The marketing team probably saw what it considered a glaring hole in the pickup market, the area below the Ranger. They found pent-up demand for a pickup with a wheelbase in the 121-inch category and an overall length of 200 inches. Granted, some of the midsized pickups we are discussing right now may seem to be similarly sized, but, the market Ford was seeing was smaller and more inexpensive than the Ford Rangers of the world. In general, midsized pickups sell for between $30,000 and $50,000 (or a bit more).

The marketing hole didn't last long. Ford's marketing team filled it with the Maverick, introduced last June. Almost immediately, the Maverick amassed thousands of reservations from anxious buyers who were waiting for an affordable – really affordable – pickup.

This is where the Maverick shines. With an entry-level price point in the $26,000-$28,000 range, the Maverick XL model is ready to take off when they finally get out there in numbers. Indeed, September saw the first sales of the first strong sales of Maverick.

Rather than discussing today's Maverick Hybrid introduction, we will concentrate on the "standard model. Here's what you get from the "standard" Maverick. Under the sheet metal (mild steel panels), you will find a vehicle that is quite similar to the Ford Bronco Sport. Indeed, the Ford Authority made a detailed comparison of the Sport and the Maverick. They found that the vehicles are nearly identical from the B-pillar forward. Both use unibody construction. Ford calls it the C2 platform, (the Ranger, by comparison, is a traditional body-on-frame model).

Some Interesting Specifications

The Maverick is about 200 inches in overall length and roughly 73 inches wide. The width shows there is overlap between the compact and midsized segments. Midsized pickups, for instance, are just an inch or two wider than the compact Maverick. The difference between the compact and midsized truck segments is overall length. The midsized market is roughly 230 inches overall. This is more than a-foot-and-a-half longer than the compact Maverick.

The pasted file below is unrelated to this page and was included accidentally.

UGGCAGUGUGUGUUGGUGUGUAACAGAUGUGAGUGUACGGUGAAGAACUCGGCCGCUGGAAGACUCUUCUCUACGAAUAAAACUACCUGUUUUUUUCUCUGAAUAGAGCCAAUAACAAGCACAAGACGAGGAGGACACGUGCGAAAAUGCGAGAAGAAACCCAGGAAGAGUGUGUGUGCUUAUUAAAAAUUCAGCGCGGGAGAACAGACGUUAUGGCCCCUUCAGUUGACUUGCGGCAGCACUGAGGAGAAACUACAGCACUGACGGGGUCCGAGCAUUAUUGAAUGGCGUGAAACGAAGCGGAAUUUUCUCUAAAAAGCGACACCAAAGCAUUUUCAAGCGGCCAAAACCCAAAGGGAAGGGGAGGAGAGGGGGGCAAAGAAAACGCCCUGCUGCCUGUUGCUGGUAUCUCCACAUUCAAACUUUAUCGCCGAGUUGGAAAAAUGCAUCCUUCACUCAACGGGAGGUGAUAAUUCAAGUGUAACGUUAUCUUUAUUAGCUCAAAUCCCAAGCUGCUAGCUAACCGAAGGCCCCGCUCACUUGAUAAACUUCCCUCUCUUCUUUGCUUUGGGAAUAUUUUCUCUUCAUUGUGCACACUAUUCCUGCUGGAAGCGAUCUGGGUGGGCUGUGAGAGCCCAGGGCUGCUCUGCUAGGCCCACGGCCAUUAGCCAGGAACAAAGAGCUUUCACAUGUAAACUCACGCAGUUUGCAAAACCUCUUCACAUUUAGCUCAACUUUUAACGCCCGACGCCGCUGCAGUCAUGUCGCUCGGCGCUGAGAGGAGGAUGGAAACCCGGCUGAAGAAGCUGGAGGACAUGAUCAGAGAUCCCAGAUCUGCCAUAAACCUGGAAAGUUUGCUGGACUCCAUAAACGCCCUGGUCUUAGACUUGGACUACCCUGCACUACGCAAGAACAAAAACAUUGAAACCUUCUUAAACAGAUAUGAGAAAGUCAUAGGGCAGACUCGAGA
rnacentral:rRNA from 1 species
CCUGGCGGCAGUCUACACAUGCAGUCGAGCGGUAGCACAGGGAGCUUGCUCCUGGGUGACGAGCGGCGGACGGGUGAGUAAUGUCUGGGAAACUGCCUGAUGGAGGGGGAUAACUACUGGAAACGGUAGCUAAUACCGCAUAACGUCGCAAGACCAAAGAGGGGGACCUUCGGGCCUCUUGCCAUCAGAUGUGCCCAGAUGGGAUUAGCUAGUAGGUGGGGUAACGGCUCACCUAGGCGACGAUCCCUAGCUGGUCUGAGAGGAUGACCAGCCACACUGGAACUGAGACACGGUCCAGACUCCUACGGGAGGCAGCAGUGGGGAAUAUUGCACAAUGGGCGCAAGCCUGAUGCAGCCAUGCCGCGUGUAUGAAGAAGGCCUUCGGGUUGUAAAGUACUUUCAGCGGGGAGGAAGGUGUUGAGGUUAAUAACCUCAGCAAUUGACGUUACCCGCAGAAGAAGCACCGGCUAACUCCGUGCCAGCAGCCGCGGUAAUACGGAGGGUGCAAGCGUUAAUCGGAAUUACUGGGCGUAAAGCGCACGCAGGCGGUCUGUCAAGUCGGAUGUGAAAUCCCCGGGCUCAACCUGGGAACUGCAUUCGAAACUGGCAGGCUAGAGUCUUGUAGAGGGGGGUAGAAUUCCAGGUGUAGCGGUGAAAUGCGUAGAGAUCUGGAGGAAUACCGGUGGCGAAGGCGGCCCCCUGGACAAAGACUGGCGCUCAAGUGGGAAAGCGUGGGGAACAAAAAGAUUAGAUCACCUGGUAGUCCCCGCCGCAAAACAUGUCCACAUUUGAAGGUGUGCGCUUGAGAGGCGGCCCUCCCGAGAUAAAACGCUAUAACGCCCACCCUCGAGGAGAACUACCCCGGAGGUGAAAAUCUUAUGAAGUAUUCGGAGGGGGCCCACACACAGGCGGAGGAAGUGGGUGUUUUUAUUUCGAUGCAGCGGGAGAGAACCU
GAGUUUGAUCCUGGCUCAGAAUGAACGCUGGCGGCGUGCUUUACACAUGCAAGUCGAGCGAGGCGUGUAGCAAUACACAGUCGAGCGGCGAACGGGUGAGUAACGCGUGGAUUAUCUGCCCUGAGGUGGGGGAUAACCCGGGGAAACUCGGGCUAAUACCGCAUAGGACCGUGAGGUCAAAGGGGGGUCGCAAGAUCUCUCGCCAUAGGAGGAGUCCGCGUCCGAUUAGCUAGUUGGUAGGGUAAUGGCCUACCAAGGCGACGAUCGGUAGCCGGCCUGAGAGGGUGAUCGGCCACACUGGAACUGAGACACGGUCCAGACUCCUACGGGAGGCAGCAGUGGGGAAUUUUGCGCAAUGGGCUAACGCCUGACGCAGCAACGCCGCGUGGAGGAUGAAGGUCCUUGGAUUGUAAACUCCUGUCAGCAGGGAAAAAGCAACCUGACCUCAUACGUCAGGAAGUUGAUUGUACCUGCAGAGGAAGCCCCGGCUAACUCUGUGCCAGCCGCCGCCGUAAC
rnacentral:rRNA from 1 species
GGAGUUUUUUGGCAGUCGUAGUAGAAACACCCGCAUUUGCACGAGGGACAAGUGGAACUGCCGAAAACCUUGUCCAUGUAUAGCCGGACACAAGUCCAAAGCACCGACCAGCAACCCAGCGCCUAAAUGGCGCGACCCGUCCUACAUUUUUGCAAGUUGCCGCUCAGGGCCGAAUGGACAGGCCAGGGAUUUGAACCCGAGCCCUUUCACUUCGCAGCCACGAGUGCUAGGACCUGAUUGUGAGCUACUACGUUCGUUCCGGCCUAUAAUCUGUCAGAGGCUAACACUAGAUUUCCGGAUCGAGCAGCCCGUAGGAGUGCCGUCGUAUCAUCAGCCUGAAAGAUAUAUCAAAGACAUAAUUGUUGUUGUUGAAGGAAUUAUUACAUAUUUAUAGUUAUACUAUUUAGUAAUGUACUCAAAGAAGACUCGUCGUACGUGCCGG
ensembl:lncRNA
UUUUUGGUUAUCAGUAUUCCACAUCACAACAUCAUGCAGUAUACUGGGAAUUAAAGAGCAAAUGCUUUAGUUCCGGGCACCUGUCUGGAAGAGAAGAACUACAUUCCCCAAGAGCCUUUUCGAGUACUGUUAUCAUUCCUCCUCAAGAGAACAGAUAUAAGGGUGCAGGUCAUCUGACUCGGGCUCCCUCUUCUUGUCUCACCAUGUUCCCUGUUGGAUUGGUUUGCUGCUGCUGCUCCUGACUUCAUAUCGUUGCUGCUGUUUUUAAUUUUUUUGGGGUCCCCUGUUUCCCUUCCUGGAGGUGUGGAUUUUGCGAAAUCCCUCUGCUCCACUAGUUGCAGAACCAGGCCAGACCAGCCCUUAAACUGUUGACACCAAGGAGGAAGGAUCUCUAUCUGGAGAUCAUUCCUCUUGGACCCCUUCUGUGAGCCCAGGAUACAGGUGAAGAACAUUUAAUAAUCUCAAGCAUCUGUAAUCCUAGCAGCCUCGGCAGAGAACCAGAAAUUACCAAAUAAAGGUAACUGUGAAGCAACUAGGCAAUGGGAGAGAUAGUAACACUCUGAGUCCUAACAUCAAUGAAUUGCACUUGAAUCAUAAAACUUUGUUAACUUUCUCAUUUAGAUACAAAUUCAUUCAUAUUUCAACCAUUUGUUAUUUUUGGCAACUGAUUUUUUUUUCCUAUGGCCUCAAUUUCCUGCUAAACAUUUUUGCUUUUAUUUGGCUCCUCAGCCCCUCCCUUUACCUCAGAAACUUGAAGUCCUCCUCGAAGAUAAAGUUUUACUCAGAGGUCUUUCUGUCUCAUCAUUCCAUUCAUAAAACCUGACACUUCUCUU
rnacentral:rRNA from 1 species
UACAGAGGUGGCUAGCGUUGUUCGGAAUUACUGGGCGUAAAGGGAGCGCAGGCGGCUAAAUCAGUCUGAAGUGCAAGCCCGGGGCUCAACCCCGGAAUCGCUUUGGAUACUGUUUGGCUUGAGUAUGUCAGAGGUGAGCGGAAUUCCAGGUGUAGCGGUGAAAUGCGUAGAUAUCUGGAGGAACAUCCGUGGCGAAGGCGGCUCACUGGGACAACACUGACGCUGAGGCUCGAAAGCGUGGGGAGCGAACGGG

There are a total of four pricing points for the Maverick. The base level is the XL; The next level is the XLT. The top levels are both labeled Lariat and the Lariat First Edition.

Marc Stern has been an automotive writer since 1971 when an otherwise normal news editor said, "You're our new car editor," and dumped about 27 pounds of auto stuff on my desk. I was in heaven as I have been a gearhead from my early days. As a teen, I spent the usual number of misspent hours hanging out at gas stations Shell and Texaco (a big thing in my youth) and working on cars. From there on, it was a straight line to my first column for the paper, "You Auto Know," an enterprise that I handled faithfully for 32 years. Not many people know that I also handled computer documentation for a good part of my living while writing YAN. My best writing, though, was always in cars. My work has appeared in Popular Mechanics, Mechanix Illustrated, AutoWeek, SuperStock, Trailer Life, Old Cars Weekly, Special Interest Autos, and others. You can follow me on: Twitter or Facebook.